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Friday, April 17, 2015

Poetry Friday--National Haiku Poetry Day!

I'm a big haiku fan as many of you know, so today's designation as National Haiku Poetry Day makes me happy! The Haiku Foundation website is the place to start if you're interested in learning more about haiku. For those of you who have only known haiku as a three-line poem of 5-7-5 syllables, you're in for a surprise!

If, after visiting The Haiku Foundation, you've been inspired to read more haiku, then look for one or more of these books that I can personally recommend:

Whenever someone asks for a recommendation for haiku, I always suggest The Haiku Anthology: Haiku and Senryu in English edited by Cor van den Heuvel [811 HAI]. This anthology presents an infinite variety of poems. Here is a sampling:

spring is here
      the cat's muddy pawprints
      on the windowsill

by Nick Avis

the plumber
kneeling in our tub
--talking to himself

by Tom Clausen

The last kid picked
running his fastest
to right field

by Mike Dillon

In my medicine cabinet,
   the winter fly
has died of old age.

by Jack Kerouac

by the autumn hill
my watercolor box

by Raymond Roseliep

behind sunglasses
I doze and wake...
the friendly man talks on

by Anita Virgil

In case you don't know the term "senryu," it is simply a poem in haiku form that is about human nature. Nature, with a capital "N" is the subject of a haiku. The poem by Nick Avis is a haiku. The one by Tom Clausen I would categorize as a senryu. The one by Anita Virgil could be either. It deals with human nature in that we all find ways to hide, but, it also deals with the effects of a bright summer's day where we must wear sunglasses and the sun's warmth can put us to sleep. You'll find the lines between the two are often blurred!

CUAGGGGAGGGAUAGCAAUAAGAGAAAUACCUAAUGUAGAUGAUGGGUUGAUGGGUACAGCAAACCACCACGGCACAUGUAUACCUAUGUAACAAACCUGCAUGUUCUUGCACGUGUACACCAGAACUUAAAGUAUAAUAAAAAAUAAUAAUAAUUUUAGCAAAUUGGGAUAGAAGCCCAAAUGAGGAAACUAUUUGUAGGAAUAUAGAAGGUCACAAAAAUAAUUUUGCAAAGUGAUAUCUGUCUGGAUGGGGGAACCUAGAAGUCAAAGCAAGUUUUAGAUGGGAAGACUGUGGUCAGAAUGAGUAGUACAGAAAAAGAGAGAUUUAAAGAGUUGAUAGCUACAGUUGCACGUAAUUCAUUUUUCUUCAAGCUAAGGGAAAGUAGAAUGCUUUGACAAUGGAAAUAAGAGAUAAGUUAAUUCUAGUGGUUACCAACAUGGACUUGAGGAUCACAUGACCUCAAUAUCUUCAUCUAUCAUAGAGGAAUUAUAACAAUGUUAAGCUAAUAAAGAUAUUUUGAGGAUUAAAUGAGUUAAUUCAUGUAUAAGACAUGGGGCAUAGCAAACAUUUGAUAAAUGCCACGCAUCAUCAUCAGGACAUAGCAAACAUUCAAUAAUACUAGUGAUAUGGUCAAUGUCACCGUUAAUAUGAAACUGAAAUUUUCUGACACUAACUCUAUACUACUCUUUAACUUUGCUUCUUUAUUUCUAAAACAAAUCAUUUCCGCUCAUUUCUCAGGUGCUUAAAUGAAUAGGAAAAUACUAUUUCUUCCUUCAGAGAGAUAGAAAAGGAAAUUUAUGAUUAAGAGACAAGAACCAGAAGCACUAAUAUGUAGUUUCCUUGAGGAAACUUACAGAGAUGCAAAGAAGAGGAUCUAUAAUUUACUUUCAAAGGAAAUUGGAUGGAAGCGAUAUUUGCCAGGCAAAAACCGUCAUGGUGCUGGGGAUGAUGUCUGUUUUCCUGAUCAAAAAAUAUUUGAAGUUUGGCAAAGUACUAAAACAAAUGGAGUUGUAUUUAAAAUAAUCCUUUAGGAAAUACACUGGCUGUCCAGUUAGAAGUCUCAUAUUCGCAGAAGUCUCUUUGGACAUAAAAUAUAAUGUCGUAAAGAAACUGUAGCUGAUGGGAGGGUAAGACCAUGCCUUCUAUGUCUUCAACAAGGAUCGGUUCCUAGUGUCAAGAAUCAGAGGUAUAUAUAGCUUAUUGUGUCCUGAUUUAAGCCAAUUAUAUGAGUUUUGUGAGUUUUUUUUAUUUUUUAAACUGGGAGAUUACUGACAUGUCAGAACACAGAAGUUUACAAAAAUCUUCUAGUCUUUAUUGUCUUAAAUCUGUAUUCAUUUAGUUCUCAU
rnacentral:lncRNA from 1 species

I invite you to visit Robyn Hood Black for the Poetry Friday Round-Up. Robyn, too, is a fan of haiku. Maybe she will feature some today?


  1. One of the best introductions I've seen, Diane - I will definitely bookmark as a reference. (And while I have most of those books, there are a few titles there I might have to squeeze into my burgeoning little shelves.)

    Thanks for being such a great voice for haiku today!!

    1. Thank you Robyn! I hope you have Baseball Haiku on that shelf! Even those non-baseball people will find the poems enjoyable!

  2. Thank you, Diane. I am trying to write, reading the sources I already have, & you've just added immeasurable to my list.

    1. That's my job as librarian--to compile resources for readers (and writers).

  3. Thanks for this, Diane. I am gradually releasing myself from the 5-7-5. You are one of my best teachers!

  4. Thanks for the book recommendation, Diane. I'm on it!